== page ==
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German Productivity - A Reassessment via the New Ifo Productivity Database

Author

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  • Andreas Kuhlmann

Abstract

A detailed analysis of the German productivity development is indispensable for understanding, why Europe is lagging behind the US growth since the mid 1990s. In this paper a new and unique database is used to analyze the sources of German productivity growth since 1970. It is shown that investment in information and communication technology (ICT) played a minor role in the German productivity development. The results include detailed descriptive statistics and projections for output and labor productivity growth for the coming decade. The base-case projection puts overall trend output growth at 1.53 percent per year over the next decade. Average labor productivity will grow at an annual rate of 1.59 percent.

Suggested Citation

  • Andreas Kuhlmann, 2006. "German Productivity - A Reassessment via the New Ifo Productivity Database," ifo Working Paper Series 35, ifo Institute - Leibniz Institute for Economic Research at the University of Munich.
  • Handle: RePEc:ces:ifowps:_35
    as

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    File URL: http://www.cesifo-group.de/DocDL/IfoWorkingPaper-35.pdf
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    References listed on IDEAS

    as
    1. Andreas Kuhlmann, 2006. "What is the X-Factor in the German Electricity Industry?," ifo Working Paper Series 34, ifo Institute - Leibniz Institute for Economic Research at the University of Munich.
    2. Stephen D. Oliner & Daniel E. Sichel, 2000. "The Resurgence of Growth in the Late 1990s: Is Information Technology the Story?," Journal of Economic Perspectives, American Economic Association, vol. 14(4), pages 3-22, Fall.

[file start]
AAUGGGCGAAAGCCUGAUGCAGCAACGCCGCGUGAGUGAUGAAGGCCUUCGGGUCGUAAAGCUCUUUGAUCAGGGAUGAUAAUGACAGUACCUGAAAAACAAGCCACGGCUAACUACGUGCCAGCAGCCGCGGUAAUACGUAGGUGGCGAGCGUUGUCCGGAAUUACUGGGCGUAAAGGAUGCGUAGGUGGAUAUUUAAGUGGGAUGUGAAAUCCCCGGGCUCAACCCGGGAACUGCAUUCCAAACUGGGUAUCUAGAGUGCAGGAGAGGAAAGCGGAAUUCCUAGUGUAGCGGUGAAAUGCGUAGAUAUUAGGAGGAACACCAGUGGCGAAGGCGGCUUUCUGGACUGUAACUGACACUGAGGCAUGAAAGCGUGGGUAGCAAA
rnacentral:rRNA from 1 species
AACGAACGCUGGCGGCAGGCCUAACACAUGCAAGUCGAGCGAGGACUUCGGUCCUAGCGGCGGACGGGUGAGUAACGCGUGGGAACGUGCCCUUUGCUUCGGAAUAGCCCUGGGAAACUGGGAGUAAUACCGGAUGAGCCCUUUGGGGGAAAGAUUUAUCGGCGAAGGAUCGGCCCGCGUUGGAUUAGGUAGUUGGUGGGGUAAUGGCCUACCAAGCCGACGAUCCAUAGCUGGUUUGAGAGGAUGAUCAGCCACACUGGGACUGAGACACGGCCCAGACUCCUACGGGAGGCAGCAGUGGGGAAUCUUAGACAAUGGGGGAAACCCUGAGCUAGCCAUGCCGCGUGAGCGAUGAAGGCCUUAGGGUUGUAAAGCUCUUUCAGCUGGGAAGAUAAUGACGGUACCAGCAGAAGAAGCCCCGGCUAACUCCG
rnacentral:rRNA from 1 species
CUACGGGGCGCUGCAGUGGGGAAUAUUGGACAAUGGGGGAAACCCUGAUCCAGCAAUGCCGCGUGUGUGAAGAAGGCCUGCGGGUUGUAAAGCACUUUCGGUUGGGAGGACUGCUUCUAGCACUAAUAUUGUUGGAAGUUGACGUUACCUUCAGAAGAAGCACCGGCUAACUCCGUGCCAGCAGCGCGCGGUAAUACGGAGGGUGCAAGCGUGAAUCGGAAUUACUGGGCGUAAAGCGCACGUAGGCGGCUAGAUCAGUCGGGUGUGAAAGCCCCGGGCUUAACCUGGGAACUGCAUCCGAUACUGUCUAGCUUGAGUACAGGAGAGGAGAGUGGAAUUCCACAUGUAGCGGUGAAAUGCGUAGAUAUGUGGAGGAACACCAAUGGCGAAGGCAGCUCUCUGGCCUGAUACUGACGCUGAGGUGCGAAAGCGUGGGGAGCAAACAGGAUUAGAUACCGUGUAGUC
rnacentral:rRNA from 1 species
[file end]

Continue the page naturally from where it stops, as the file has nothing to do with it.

3. Oliner, Stephen D. & Sichel, Daniel E., 2003. "Information technology and productivity: where are we now and where are we going?," Journal of Policy Modeling, Elsevier, vol. 25(5), pages 477-503, July.
    4. Francesco Daveri, 2002. "The New Economy in Europe, 1992--2001," Oxford Review of Economic Policy, Oxford University Press, vol. 18(3), pages 345-362.
    5. Moses Abramovitz, 1956. "Resource and Output Trends in the United States Since 1870," NBER Books, National Bureau of Economic Research, Inc, number abra56-1, January.
    6. Dale W. Jorgenson, 2001. "Information Technology and the U.S. Economy," American Economic Review, American Economic Association, vol. 91(1), pages 1-32, March.
    7. Francesco Daveri, 2004. "Delayed IT Usage: Is It Really the Drag on Europe's Productivity?," CESifo Economic Studies, CESifo, vol. 50(3), pages 397-421.
    8. Flaig, Gebhard & Steiner, Viktor, 1993. "Searching for the "Productivity Slowdown": Some Surprising Findings from West German Manufacturing," The Review of Economics and Statistics, MIT Press, vol. 75(1), pages 57-65, February.
    9. Francesco Daveri, "undated". "Is Growth an Information Technology Story in Europe Too?," EPRU Working Paper Series 00-12, Economic Policy Research Unit (EPRU), University of Copenhagen. Department of Economics.
    10. Alessandra Colecchia & Paul Schreyer, 2002. "ICT Investment and Economic Growth in the 1990s: Is the United States a Unique Case? A Comparative Study of Nine OECD Countries," Review of Economic Dynamics, Elsevier for the Society for Economic Dynamics, vol. 5(2), pages 408-442, April.
    11. van Ark, Bart, 1998. "Productivity," Journal of the Japanese and International Economies, Elsevier, vol. 12(2), pages 171-174, June.
    Full references (including those not matched with items on IDEAS)

    More about this item

    Keywords

    Growth accounting; productivity analysis; TFP;

    JEL classification:

    • F43 - International Economics - - Macroeconomic Aspects of International Trade and Finance - - - Economic Growth of Open Economies
    • O47 - Economic Development, Innovation, Technological Change, and Growth - - Economic Growth and Aggregate Productivity - - - Empirical Studies of Economic Growth; Aggregate Productivity; Cross-Country Output Convergence
    • R11 - Urban, Rural, Regional, Real Estate, and Transportation Economics - - General Regional Economics - - - Regional Economic Activity: Growth, Development, Environmental Issues, and Changes

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